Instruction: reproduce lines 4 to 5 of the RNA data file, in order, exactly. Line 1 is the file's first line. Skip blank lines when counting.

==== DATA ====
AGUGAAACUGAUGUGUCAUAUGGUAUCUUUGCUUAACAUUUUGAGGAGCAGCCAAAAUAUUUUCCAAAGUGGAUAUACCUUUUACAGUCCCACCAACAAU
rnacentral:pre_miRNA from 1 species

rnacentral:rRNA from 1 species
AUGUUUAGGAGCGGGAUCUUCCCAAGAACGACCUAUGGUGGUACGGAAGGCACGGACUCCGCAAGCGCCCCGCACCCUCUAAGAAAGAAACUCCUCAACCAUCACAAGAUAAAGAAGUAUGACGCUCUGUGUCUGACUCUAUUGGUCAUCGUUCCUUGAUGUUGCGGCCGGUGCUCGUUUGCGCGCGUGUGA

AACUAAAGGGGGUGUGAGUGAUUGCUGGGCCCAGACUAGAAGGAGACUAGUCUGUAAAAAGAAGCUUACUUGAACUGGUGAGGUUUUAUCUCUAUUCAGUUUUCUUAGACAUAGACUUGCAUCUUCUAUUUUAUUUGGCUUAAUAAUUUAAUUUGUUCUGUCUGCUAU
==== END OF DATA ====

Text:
AUGUUUAGGAGCGGGAUCUUCCCAAGAACGACCUAUGGUGGUACGGAAGGCACGGACUCCGCAAGCGCCCCGCACCCUCUAAGAAAGAAACUCCUCAACCAUCACAAGAUAAAGAAGUAUGACGCUCUGUGUCUGACUCUAUUGGUCAUCGUUCCUUGAUGUUGCGGCCGGUGCUCGUUUGCGCGCGUGUGA

AACUAAAGGGGGUGUGAGUGAUUGCUGGGCCCAGACUAGAAGGAGACUAGUCUGUAAAAAGAAGCUUACUUGAACUGGUGAGGUUUUAUCUCUAUUCAGUUUUCUUAGACAUAGACUUGCAUCUUCUAUUUUAUUUGGCUUAAUAAUUUAAUUUGUUCUGUCUGCUAU